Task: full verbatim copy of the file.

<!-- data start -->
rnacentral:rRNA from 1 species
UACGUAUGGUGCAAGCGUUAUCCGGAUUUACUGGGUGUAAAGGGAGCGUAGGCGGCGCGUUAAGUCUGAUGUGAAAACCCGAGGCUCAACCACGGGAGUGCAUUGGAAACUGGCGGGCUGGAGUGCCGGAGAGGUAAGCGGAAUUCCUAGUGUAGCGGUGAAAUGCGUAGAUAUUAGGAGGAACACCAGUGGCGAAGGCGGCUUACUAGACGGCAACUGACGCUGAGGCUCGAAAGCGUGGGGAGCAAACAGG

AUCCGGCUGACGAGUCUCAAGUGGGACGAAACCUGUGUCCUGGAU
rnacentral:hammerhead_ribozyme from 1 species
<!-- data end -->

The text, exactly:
rnacentral:rRNA from 1 species
UACGUAUGGUGCAAGCGUUAUCCGGAUUUACUGGGUGUAAAGGGAGCGUAGGCGGCGCGUUAAGUCUGAUGUGAAAACCCGAGGCUCAACCACGGGAGUGCAUUGGAAACUGGCGGGCUGGAGUGCCGGAGAGGUAAGCGGAAUUCCUAGUGUAGCGGUGAAAUGCGUAGAUAUUAGGAGGAACACCAGUGGCGAAGGCGGCUUACUAGACGGCAACUGACGCUGAGGCUCGAAAGCGUGGGGAGCAAACAGG

AUCCGGCUGACGAGUCUCAAGUGGGACGAAACCUGUGUCCUGGAU
rnacentral:hammerhead_ribozyme from 1 species